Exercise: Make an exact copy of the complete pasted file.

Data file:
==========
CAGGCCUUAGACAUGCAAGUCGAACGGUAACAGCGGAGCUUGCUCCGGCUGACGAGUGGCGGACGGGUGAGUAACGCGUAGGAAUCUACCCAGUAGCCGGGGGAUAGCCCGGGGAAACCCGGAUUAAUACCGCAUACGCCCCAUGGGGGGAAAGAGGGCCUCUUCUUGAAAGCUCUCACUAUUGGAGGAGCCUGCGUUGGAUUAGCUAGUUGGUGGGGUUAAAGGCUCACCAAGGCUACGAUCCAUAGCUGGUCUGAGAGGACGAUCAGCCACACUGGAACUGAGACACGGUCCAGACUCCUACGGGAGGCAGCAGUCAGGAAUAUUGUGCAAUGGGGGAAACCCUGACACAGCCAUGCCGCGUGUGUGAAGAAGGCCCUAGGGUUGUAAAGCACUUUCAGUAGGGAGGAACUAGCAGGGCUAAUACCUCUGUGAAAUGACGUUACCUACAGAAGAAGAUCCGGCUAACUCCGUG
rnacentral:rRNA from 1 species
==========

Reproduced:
CAGGCCUUAGACAUGCAAGUCGAACGGUAACAGCGGAGCUUGCUCCGGCUGACGAGUGGCGGACGGGUGAGUAACGCGUAGGAAUCUACCCAGUAGCCGGGGGAUAGCCCGGGGAAACCCGGAUUAAUACCGCAUACGCCCCAUGGGGGGAAAGAGGGCCUCUUCUUGAAAGCUCUCACUAUUGGAGGAGCCUGCGUUGGAUUAGCUAGUUGGUGGGGUUAAAGGCUCACCAAGGCUACGAUCCAUAGCUGGUCUGAGAGGACGAUCAGCCACACUGGAACUGAGACACGGUCCAGACUCCUACGGGAGGCAGCAGUCAGGAAUAUUGUGCAAUGGGGGAAACCCUGACACAGCCAUGCCGCGUGUGUGAAGAAGGCCCUAGGGUUGUAAAGCACUUUCAGUAGGGAGGAACUAGCAGGGCUAAUACCUCUGUGAAAUGACGUUACCUACAGAAGAAGAUCCGGCUAACUCCGUG
rnacentral:rRNA from 1 species